The psalms are filled with songs of praise and thanks to God inspiring people to remember their maker….to be attentive to the power and glory of the Creator. People believed that if they offered praise and thanks to God, their lives would be blessed. Surely, our liturgies today often begin with prayers of praise and thanks to help us focus on the essential…..the bottom line of the why of worship. “ Seek first, the kingdom of God.”
Psalm 1 begins with the affirmation, “Blessed are those ….” Indeed, most of us are desperate for affirmation in our lives…are longing to feel blessed and loved….to have a sense of God’s presence.
Newsweek not too long ago did a feature story on the second largest publishing market in the country _ second only to the Bible _ “bedside bucker-uppers.” These are the so-called “affirmation books,” or “affies” for short, that assure people that they are doing okay in life _ no matter what they’ve done. There is a hot-selling item called “Elf-Affirmation Cards” which offer daily pick-me-ups as you pick them up. Have you seen them?
Jesus was well versed in Hebrew Scriptures ….. in the Psalms and Jesus is an earthly model of gratitude. Like every good Jew, Jesus thanked God before and after each meal. He was raised to be thankful for the food he received. In Sabbath school he learned to pray the Psalms. “Bless the Lord, O my soul …and forget not all God benefits.” Such were the prayers that came from Jesus’ lips. In the Upper Room, where death was imminent in the air, He took some bread and gave thanks. Jesus was grateful for the birds of the air, the lilies of the field, the critters that roam the countryside and the creatures that swim in the sea. He lived a life of gratitude…. attentive to the holy….the presence of God in all things….even in his enemies.
I really like the way author Angeles Arrien interprets Psalm 1 in her wonderful devotional book; Living in Gratitude:
Blessed are the man and woman who have grown beyond their greed and have put an end to their hatred and no longer nourish illusions. But they delight in the ways things are and keep their hearts open day and night.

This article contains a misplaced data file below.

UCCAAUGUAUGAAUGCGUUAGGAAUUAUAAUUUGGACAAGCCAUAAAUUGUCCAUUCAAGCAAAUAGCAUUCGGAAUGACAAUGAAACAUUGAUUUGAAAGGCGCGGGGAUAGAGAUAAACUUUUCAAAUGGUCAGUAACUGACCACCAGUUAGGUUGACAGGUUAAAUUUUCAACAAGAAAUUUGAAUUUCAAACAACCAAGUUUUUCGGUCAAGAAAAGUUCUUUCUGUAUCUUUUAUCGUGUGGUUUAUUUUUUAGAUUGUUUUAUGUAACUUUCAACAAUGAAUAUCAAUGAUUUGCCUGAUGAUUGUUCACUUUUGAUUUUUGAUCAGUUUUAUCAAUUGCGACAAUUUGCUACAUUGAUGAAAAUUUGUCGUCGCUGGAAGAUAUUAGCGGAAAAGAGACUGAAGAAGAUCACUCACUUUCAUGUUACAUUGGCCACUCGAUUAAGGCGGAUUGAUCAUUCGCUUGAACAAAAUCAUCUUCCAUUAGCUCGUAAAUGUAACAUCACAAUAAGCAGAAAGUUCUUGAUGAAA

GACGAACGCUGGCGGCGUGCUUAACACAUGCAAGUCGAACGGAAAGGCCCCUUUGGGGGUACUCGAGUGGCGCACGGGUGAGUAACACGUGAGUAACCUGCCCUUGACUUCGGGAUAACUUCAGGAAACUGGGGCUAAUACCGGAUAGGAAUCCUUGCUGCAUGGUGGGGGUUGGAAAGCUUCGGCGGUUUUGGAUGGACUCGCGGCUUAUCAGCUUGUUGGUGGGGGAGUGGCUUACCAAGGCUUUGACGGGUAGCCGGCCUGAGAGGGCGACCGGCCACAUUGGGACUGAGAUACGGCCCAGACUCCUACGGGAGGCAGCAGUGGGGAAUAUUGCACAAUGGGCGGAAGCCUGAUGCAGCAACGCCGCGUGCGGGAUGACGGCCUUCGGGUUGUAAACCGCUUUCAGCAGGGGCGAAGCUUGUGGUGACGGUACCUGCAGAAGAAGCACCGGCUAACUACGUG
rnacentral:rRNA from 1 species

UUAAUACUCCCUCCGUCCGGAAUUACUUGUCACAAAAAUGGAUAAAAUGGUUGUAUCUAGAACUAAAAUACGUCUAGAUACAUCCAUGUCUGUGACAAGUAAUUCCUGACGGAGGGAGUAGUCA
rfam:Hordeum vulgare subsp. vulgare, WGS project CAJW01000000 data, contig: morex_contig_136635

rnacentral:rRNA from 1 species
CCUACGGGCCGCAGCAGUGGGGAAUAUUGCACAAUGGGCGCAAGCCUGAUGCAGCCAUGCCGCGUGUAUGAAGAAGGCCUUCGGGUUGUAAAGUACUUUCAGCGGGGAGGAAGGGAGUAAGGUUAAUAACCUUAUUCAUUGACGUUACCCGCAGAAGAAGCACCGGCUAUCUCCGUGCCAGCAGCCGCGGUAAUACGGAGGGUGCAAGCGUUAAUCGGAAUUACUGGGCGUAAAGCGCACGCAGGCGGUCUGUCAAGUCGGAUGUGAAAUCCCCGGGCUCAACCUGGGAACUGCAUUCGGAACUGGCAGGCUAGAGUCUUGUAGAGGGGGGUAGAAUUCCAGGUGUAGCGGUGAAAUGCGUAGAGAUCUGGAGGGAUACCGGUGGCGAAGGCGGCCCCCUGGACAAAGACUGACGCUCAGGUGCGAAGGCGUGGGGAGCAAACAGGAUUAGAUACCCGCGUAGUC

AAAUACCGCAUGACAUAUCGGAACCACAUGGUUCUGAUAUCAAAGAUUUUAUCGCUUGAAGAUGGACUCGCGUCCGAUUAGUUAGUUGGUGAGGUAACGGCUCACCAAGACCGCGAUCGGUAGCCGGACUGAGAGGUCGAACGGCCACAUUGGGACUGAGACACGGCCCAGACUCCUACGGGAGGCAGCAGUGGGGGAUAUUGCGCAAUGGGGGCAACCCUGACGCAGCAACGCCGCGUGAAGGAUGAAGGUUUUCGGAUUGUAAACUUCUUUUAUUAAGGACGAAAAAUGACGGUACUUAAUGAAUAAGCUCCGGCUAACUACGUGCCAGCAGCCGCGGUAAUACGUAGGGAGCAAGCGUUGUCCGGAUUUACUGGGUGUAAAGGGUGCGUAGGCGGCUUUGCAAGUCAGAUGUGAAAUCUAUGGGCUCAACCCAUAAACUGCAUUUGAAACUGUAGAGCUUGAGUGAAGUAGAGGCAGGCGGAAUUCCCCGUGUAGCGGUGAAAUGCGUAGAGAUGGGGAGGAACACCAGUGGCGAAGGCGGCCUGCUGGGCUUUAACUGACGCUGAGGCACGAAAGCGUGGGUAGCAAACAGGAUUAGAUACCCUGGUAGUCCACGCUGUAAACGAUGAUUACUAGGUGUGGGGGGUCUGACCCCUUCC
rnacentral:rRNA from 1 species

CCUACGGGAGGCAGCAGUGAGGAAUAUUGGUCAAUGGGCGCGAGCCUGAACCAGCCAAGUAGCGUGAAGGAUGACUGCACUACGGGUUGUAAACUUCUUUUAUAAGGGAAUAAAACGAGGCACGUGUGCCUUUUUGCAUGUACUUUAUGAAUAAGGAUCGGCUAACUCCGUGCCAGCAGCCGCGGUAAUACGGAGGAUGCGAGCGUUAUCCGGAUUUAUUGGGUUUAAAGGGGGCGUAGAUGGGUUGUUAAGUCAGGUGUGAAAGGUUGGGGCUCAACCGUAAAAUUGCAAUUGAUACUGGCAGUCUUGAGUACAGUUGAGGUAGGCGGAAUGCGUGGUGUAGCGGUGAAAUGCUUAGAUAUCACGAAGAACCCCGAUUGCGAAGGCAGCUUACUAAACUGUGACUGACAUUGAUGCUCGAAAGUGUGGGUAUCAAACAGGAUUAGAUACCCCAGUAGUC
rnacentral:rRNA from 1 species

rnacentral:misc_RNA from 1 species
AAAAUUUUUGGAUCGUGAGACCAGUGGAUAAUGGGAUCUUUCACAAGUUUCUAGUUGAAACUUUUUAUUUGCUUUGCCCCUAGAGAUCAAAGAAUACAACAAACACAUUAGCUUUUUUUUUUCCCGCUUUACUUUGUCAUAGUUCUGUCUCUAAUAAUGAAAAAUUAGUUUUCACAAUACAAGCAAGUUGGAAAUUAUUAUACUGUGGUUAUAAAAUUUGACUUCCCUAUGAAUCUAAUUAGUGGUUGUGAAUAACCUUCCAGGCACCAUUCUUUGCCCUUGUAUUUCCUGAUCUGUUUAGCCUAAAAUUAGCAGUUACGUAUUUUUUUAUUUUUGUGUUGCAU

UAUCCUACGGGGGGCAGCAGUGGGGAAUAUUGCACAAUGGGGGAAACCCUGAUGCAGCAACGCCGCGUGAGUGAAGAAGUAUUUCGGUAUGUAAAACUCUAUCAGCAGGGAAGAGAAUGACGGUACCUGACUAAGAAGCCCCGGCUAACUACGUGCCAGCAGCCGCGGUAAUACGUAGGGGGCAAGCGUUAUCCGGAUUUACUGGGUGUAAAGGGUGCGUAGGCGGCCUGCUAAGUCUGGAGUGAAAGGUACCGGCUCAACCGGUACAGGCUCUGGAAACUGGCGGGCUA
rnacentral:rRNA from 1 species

In communion with God, we are constantly evolving toward love, as individuals and as a universe. Nurturing that connection, both we and the Divine evolve and move closer to God’s kingdom. The psalmist give us a beautiful image of what our lives can be if we are attentive to the Divine and grateful for each moment of our living:
We will be like trees planted near flowing rivers, which bear fruit when they are ready. Their leaves will not fall or wither: Everything they do will succeed.
In communion with the Divine Spirit within us and around us, we will experience the blessings. Our lives will be an outward reflection of the inner grace of God.
Abraham Heschel, American born Polish Rabbi, one of the leading Jewish theologians and philosophers of the 20th century wrote: “ I did not ask for success; I asked for wonder, and God gave it to me.” He published a wonderful book by that title I Asked for Wonder.
Wonder….and what an amazing gift that is. That is one of the many benefits of hanging out with little children whose capacity for wonder is off the charts! One of the summers I was directing a Vacation Church School, our theme was simply …Exploration. “ Let’s go exploring! And on each of the 10 days, we’d meet at the church, don our fun exploring gear and go out in the natural world and explore! We’d bring back or take a picture of some object of wonder and talk about it….. look for its lessons and give thanks to God for the miracles of that day. It was a rich and beautiful time. I remember it well and hope the children, who are now adults, remember as well and are exploring still. Nurturing our sense of wonder, inspires gratitude in our daily lives that makes each day a miracle.